ื•ื›ืŸ ื‘ื’ื™ื˜ื™ ื ืฉื™ื ื›ื•ืคื™ืŸ ื•ื›ื•ืณ ืืžืจ ืจื‘ ืฉืฉืช ื”ืื™ ืžืืŸ ื“ืžืกืจ ืžื•ื“ืขื ืื’ื™ื˜ื ืžื•ื“ืขื™ื” ืžื•ื“ืขื ืคืฉื™ื˜ื

ยง The mishna teaches: And likewise, you say the same with regard to womenโ€™s bills of divorce. Although one can divorce his wife only of his own volition, in any case where the Sages obligated a husband to divorce his wife, the court coerces him until he says: I want to do so. Rav Sheshet says: Concerning one who delivered a declaration preemptively invalidating a bill of divorce by announcing before giving the bill of divorce that he is not doing so of his own free will, his declaration is a valid declaration that cancels the bill of divorce. The Gemara asks: Isnโ€™t that obvious?

ืœื ืฆืจื™ื›ื ื“ืขืฉืื•ื” ื•ืื™ืจืฆื™ ืžื”ื• ื“ืชื™ืžื ื‘ื˜ื•ืœื™ ื‘ื˜ืœื™ื” ืงื ืžืฉืžืข ืœืŸ

The Gemara answers: No, the statement of Rav Sheshet is necessary in a case where they coerced him to give a bill of divorce and he declared that he was not giving it of his own free will, but later he agreed to give the bill of divorce of his own volition without explicitly retracting his original declaration that he was coerced. Lest you say: Merely by giving the bill of divorce he has canceled his earlier declaration that he was coerced, Rav Sheshet therefore teaches us that his original declaration that he was coerced is still in effect and the bill of divorce is canceled.

ื“ืื ื›ืŸ ืœื™ืชื ื™ ืขื“ ืฉื™ืชืŸ ืžืื™ ืขื“ ืฉื™ืืžืจ ืขื“ ื“ืžื‘ื˜ืœ ืœื™ื” ืœืžื•ื“ืขื™ื”

The Gemara explains how Rav Sheshet derives his conclusion from the mishna. The reason is that if it were so, i.e., if his original declaration is canceled even without an explicit retraction, let the mishna teach: The court coerces him until he gives the bill of divorce of his own volition. What is the significance of the clause: The court coerces him until he says: I want to do so? This indicates that the court coerces him until he explicitly cancels his original declaration.

ื”ื“ืจืŸ ืขืœืš ื”ืื•ืžืจ ืžืฉืงืœื™

 

ืžืชื ื™ืณ ืฉื•ื ื”ื™ืชื•ืžื™ื ืฉืœืฉื™ื ื™ื•ื ื•ืฉื•ื ื”ื”ืงื“ืฉ ืฉืฉื™ื ื™ื•ื ื•ืžื›ืจื™ื–ื™ืŸ ื‘ื‘ืงืจ ื•ื‘ืขืจื‘

MISHNA: One proclaims, i.e., publicly announces, the appraisal of the property inherited by minor orphans, which is being sold to repay their fatherโ€™s debt, for thirty days, in order to receive the maximal price. And one proclaims the appraisal of consecrated property that is being sold by the Temple treasury for sixty days, and one proclaims it in the morning and in the evening.

ื’ืžืณ ืžืื™ ืฉื ื ื‘ื‘ืงืจ ื•ื‘ืขืจื‘ ืืžืจ ืจื‘ ื™ื”ื•ื“ื” ืืžืจ ืจื‘ ื‘ืฉืขืช ื”ื•ืฆืืช ืคื•ืขืœื™ื ื•ื‘ืฉืขืช ื”ื›ื ืกืช ืคื•ืขืœื™ื ื‘ืฉืขืช ื”ื•ืฆืืช ืคื•ืขืœื™ื ื“ืื™ื›ื ื“ื ื™ื—ื ืœืžื™ื–ื‘ืŸ ืืžืจ ืœื”ื• ืœืคื•ืขืœื™ื ืื™ื–ื™ืœื• ืกื™ื™ืจื• ืœื” ื ื™ื”ืœื™ ื‘ืฉืขืช ื”ื›ื ืกืช ืคื•ืขืœื™ื ื“ื ื™ื“ื›ืจ ื“ืืžืจ ืœื”ื• ื ื™ื–ื™ืœ ื ื™ืฉื™ื™ืœื™ื ื”ื•

GEMARA: The Gemara asks: What is different about those times that one proclaims the appraisal of the property specifically in the morning and in the evening? Rav Yehuda says that Rav says: One proclaims during the time that workers leave to work in the fields and during the time that workers enter the city after completing their workday. Rav Yehuda elaborates: One proclaims during the time that workers leave to work in the fields, so that if there is a person who is amenable to purchasing the property, he may say to the workers: Go and examine the property for me. And one proclaims during the time that workers enter the city so that that individual will be reminded that he said to the workers that they should inspect the property, and he will go and ask them for their opinion of it.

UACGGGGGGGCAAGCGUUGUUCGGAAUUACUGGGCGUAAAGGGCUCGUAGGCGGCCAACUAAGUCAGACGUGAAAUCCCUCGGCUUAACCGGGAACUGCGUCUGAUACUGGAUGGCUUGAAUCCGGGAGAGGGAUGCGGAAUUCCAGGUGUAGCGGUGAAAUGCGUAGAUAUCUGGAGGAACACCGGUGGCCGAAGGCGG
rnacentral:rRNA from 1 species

ืชื ื™ื ื ืžื™ ื”ื›ื™ ืฉื•ื ื”ื™ืชื•ืžื™ื ืฉืœืฉื™ื ื™ื•ื ื•ืฉื•ื ื”ื”ืงื“ืฉ ืฉืฉื™ื ื™ื•ื ื•ืžื›ืจื™ื–ื™ืŸ ื‘ื‘ืงืจ ื•ื‘ืขืจื‘ ื‘ืฉืขืช ื”ื•ืฆืืช ืคื•ืขืœื™ื ื•ื‘ืฉืขืช ื”ื›ื ืกืช ืคื•ืขืœื™ื

The Gemara notes: That explanation is also taught in a baraita: One proclaims the appraisal of the property inherited by minor orphans for thirty days, and one proclaims the appraisal of consecrated property for sixty days. And one proclaims it in the morning and in the evening, during the time that workers leave to work in the fields and during the time that workers enter the city after completing their workday.

ืื•ืžืจ ืฉื“ื” ืคืœื•ื ื™ ื‘ืกื™ืžื ื™ื” ื•ื‘ืžืฆืจื™ื” ื›ืš ื”ื™ื ื™ืคื” ื•ื›ืš ื”ื™ื ืฉื•ืžื ื›ืœ ื”ืจื•ืฆื” ืœื™ืงื— ื™ื‘ื ื•ื™ืงื— ืขืœ ืžื ืช ืœื™ืชืŸ ืœืืฉื” ื‘ื›ืชื•ื‘ืชื” ื•ืœื‘ืขืœ ื—ื•ื‘ ื‘ื—ื•ื‘ื•

The baraita adds that the one who proclaims states: The field of so-and-so that is identifiable by its markers and by its borders, such is its quality, i.e., it produces such-and-such quantities of grain annually, and such is its appraisal; anyone who wishes to purchase the field let him come and purchase it. He adds that the field is being sold in order to give the proceeds to a wife as payment of her marriage contract, or in order to give a creditor payment of a deceased manโ€™s debt.

ืœืžื” ืœื™ ืœืžื™ืžืจ ืขืœ ืžื ืช ืœื™ืชืŸ ืœืืฉื” ื›ืชื•ื‘ืชื” ื•ืœื‘ืขืœ ื—ื•ื‘ ื—ื•ื‘ื• ื“ืื™ื›ื ื“ื ื™ื—ื ืœื™ื” ื‘ื‘ืขืœ ื—ื•ื‘ ื“ืžื™ืงืœ ื‘ื–ื•ื–ื™ ื•ืื™ื›ื ื“ื ื™ื—ื ืœื™ื” ื‘ืืฉื” ื“ืฉืงืœื” ืขืœ ื™ื“ ืขืœ ื™ื“

The Gemara asks: Why do I need the one making the proclamation to say that the field is being sold in order to give the proceeds to a wife as payment of her marriage contract or in order to give a creditor payment of his debt? The Gemara responds: This declaration is necessary as there are individuals for whom it is preferable to do business with a creditor, as he is lenient with dinars and will accept even damaged coins, and there are others for whom it is preferable to deal with a wife, as she takes her money bit by bit, i.e., in incremental payments.